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Title: Pediatric Staphylococcus aureus bacteremia: clinical spectrum and predictors of poor outcome.
Authors: Campbell, Anita J
Al Yazidi, Laila S
Phuong, Linny K
Leung, Clare
Best, Emma J
Webb, Rachel H
Voss, Lesley
Athan, Eugene
Britton, Philip N
Bryant, Penelope A
Butters, Coen T
Carapetis, Jonathan R
Ching, Natasha S
Coombs, Geoffrey W
Daley, Denise
Francis, Joshua
Hung, Te-Yu
Mowlaboccus, Shakeel
Nourse, Clare
Ojaimi, Samar
Tai, Alex
Vasilunas, Nan
McMullan, Brendan
Blyth, Christopher C
Bowen, Asha C
Citation: © The Author(s) 2021. Published by Oxford University Press for the Infectious Diseases Society of America. All rights reserved. For permissions, e-mail:
Clin Infect Dis. 2021 Jun 5:ciab510. doi: 10.1093/cid/ciab510.
Abstract: BACKGROUND: Staphylococcus aureus is a common cause of bacteremia, yet the epidemiology, and predictors of poor outcome remain inadequately defined in childhood. METHODS: ISAIAH is a prospective, cross-sectional study of S. aureus bacteremia (SAB), in children hospitalized in Australia and New Zealand, over 24-months (2017-2018). RESULTS: Overall, 552 SABs were identified, (incidence 4.4/100,000/yr [95% confidence interval (CI) 2.2-8.8]), with methicillin-susceptible (84%), community onset (78%) infection predominating. Indigenous children (8.1/100,000/yr [CI 4.8-14.4]), those from lower-socioeconomic areas (5.5/100,000/yr [CI 2.8-10.2]) and neonates (6.6/100,000/yr (CI 3.4-11.7) were over-represented. Although 90-day mortality was infrequent, one-third experienced the composite of: length of stay >30 days (26%), ICU admission (20%), relapse (4%), or death (3%).Predictors of mortality included prematurity (aOR 16.8 [CI 1.6-296.9]), multifocal infection (aOR 22.6 [CI 1.4-498.5]), necrotizing pneumonia (aOR 38.9 [CI 1.7 - 1754.6]), multiorgan dysfunction (aOR 26.5 [CI 4.1-268.8]) and empiric-vancomycin (aOR 15.7 [CI 1.6-434.4]); whilst Infectious Diseases (ID) consultation (aOR 0.07 [CI 0.004-0.9]) was protective. Neither MRSA nor vancomycin trough-targets impacted survival; however, empiric-vancomycin was associated with significant nephrotoxicity (OR 3.1 [CI 1.3-8.1]). CONCLUSIONS: High SAB incidence was demonstrated, with at-risk populations identified for future prioritized care. For the first time in a pediatric setting, necrotizing pneumonia and multifocal infection were predictors of mortality, whilst ID consultation was protective. The need to re-evaluate pediatric vancomycin trough-targets and limit unnecessary empiric-vancomycin exposure, to reduce poor outcomes and nephrotoxicity is highlighted. One in three children experienced considerable SAB morbidity, therefore pediatric inclusion in future SAB comparator trials is paramount to improve outcomes.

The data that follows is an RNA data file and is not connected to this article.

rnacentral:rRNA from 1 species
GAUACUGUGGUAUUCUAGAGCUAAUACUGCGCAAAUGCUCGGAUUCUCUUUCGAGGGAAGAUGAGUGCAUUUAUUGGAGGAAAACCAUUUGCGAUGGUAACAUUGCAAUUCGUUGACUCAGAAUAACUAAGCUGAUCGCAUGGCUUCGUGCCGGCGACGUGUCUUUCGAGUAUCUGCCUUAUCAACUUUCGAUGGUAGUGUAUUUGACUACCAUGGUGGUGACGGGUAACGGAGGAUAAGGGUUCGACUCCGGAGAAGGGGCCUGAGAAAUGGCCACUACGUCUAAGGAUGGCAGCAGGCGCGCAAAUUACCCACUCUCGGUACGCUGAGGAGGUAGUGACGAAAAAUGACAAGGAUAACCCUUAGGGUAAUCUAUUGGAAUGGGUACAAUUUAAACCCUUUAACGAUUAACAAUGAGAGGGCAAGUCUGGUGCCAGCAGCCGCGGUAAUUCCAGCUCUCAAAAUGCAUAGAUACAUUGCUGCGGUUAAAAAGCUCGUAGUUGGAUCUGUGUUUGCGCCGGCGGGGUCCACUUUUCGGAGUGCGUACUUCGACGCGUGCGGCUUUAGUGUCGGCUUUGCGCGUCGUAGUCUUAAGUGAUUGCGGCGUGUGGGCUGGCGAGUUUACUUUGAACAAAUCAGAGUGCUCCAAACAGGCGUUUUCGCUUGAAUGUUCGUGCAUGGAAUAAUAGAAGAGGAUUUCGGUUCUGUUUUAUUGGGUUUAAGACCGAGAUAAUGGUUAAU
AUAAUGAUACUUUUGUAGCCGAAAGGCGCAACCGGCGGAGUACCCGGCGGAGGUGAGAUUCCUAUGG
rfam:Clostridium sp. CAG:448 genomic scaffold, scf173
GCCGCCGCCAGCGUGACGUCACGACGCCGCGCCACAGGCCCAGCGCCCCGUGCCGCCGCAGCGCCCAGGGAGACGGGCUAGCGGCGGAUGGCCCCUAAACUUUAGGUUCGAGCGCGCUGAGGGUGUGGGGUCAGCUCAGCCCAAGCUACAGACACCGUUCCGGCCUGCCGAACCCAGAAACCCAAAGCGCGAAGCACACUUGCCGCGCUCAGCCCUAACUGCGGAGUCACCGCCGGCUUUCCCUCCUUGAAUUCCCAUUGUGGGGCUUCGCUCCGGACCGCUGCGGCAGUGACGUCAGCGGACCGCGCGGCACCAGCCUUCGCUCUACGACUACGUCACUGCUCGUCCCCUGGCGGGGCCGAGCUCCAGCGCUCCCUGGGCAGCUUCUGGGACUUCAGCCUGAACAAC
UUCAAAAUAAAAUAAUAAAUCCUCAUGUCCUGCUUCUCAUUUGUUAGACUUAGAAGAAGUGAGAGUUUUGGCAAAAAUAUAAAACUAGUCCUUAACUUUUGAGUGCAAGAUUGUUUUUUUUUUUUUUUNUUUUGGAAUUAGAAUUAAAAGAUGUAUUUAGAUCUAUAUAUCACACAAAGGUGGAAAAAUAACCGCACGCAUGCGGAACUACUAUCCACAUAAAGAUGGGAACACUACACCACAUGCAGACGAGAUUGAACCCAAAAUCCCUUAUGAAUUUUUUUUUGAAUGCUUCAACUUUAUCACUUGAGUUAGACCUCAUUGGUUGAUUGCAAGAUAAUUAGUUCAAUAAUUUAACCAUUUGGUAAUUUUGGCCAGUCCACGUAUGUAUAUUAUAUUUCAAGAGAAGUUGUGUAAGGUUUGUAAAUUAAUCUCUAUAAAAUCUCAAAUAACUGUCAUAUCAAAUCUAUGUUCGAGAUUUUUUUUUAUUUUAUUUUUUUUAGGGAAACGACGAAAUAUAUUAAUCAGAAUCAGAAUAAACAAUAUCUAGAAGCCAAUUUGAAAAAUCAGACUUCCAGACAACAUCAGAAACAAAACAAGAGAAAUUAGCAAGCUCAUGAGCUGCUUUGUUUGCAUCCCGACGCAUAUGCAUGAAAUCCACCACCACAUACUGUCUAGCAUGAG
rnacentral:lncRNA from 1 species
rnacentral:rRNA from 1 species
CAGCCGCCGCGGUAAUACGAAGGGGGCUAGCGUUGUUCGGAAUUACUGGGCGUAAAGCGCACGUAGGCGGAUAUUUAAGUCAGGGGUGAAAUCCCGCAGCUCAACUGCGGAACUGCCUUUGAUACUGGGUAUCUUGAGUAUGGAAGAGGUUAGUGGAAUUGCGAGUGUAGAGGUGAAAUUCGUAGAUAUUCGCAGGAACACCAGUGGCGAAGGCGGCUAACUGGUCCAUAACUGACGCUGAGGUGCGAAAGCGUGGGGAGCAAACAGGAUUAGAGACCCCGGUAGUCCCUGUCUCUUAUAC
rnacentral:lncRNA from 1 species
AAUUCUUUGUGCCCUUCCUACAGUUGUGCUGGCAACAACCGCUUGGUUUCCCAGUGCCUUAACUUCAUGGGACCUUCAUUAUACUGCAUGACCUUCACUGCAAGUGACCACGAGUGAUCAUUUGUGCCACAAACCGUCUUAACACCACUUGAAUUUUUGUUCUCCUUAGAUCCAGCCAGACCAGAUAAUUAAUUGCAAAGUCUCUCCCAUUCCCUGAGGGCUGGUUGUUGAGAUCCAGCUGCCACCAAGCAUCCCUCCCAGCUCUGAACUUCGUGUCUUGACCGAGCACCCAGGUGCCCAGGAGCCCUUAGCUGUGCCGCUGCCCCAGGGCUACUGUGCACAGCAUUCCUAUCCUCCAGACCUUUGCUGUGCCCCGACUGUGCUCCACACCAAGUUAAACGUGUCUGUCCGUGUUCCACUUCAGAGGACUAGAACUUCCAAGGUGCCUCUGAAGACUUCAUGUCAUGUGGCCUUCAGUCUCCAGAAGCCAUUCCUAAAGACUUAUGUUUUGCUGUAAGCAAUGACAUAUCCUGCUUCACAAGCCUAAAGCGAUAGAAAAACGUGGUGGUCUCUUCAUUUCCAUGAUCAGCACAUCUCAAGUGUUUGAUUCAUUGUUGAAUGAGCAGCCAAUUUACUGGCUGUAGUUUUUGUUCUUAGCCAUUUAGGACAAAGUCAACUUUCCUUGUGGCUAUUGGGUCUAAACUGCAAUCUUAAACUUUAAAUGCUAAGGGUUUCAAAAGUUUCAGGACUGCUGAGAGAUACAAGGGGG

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Journal title: Clinical infectious diseases : an official publication of the Infectious Diseases Society of America
Publication Date: 2021-06-05
Type: Journal Article
DOI: 10.1093/cid/ciab510
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